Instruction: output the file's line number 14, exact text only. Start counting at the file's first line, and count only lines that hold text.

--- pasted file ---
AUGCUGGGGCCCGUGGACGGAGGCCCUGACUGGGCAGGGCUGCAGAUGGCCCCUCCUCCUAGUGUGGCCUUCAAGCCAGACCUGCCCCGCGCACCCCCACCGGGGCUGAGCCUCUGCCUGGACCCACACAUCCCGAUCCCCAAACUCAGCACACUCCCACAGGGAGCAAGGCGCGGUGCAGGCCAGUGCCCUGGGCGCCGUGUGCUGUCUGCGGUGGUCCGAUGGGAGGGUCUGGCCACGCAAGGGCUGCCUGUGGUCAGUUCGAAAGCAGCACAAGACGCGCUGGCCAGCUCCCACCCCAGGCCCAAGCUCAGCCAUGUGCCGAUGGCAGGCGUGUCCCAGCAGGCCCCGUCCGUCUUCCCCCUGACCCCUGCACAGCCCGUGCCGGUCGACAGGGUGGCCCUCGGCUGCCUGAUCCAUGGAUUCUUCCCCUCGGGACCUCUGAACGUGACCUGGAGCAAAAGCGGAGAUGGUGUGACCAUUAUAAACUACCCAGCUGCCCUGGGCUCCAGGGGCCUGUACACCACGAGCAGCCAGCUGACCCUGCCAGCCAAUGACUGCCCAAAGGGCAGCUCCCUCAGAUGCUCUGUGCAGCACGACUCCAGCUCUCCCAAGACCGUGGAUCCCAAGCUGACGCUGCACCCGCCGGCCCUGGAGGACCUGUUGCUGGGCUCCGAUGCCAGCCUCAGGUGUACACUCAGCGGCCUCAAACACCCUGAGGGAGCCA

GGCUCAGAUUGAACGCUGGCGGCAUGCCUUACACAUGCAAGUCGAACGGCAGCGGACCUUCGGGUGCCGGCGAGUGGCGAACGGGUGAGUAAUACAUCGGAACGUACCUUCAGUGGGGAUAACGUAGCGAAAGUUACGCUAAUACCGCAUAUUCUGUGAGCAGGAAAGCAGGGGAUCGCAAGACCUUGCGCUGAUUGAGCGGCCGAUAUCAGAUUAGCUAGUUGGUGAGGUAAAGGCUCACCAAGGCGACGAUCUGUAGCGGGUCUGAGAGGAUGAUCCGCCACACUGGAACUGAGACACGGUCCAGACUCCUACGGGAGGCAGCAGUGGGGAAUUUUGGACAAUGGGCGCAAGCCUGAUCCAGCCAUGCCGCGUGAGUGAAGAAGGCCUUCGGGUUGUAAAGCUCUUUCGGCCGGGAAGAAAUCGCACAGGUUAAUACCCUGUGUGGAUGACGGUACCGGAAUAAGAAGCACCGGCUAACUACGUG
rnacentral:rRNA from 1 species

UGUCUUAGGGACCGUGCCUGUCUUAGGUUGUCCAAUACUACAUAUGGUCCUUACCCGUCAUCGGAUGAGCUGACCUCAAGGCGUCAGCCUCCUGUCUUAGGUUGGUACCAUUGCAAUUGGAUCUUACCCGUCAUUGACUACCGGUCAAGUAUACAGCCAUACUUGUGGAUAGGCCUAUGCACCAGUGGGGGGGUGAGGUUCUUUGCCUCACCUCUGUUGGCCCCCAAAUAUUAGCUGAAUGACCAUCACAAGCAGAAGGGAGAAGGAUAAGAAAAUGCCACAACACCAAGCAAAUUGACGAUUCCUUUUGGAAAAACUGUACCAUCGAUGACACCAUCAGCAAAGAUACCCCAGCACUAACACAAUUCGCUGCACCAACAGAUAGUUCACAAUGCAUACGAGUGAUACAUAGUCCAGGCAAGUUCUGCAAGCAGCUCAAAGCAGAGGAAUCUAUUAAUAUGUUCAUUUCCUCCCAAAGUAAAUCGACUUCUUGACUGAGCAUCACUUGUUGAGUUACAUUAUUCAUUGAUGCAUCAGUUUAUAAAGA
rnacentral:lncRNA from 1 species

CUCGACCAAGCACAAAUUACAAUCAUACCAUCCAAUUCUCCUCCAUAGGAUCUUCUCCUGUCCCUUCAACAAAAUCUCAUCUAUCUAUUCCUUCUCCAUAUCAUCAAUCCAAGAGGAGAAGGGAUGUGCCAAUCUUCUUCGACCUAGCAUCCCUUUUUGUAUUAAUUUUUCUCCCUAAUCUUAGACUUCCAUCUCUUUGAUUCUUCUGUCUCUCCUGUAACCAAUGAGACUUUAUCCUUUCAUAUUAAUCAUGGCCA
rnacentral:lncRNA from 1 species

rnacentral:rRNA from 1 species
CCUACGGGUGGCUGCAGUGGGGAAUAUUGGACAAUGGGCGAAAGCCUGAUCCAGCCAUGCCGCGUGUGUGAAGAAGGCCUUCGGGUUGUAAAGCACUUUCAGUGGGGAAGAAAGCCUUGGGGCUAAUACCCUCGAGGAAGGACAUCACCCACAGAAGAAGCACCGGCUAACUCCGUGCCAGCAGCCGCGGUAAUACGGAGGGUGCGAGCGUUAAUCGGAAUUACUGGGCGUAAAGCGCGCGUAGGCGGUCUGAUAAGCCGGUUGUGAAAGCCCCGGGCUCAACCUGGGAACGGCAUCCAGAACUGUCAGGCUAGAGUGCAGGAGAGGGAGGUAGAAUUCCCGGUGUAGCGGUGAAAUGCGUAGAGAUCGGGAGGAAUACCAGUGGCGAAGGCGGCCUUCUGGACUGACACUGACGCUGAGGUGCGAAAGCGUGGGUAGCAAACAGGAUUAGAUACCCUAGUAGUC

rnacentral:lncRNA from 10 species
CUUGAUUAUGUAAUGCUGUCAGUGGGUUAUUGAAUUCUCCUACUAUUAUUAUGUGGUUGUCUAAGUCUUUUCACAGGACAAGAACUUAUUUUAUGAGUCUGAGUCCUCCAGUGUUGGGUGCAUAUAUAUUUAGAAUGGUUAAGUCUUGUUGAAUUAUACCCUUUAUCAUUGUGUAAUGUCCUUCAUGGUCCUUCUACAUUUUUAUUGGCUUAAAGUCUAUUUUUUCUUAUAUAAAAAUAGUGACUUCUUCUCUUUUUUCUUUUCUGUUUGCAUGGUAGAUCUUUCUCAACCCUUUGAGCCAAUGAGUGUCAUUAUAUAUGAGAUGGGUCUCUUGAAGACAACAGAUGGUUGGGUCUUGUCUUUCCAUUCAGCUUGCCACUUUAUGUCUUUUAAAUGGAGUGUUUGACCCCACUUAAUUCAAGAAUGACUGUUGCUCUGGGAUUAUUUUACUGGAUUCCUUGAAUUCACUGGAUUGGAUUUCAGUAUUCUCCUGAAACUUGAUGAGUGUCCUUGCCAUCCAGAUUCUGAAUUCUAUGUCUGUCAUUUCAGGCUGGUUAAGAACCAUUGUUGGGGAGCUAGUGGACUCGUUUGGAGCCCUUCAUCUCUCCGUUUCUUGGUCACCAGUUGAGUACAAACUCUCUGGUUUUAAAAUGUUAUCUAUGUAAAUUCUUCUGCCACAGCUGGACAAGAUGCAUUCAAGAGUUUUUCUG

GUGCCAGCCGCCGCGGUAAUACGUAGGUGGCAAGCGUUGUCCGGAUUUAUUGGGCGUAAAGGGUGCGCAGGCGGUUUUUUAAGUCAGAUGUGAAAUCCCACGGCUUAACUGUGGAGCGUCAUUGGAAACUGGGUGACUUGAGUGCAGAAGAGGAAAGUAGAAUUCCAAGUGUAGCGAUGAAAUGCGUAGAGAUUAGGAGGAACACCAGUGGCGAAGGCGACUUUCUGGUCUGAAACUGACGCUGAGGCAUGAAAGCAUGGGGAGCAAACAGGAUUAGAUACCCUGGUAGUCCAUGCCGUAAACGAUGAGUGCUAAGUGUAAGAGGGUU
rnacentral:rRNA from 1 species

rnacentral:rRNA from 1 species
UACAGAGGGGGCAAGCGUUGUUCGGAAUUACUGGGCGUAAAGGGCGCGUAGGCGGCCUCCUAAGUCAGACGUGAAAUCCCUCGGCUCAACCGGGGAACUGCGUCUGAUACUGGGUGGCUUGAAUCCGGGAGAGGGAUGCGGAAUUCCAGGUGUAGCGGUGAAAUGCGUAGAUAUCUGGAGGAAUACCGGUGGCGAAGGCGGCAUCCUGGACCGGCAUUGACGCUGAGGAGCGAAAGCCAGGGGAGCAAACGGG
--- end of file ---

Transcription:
rnacentral:rRNA from 1 species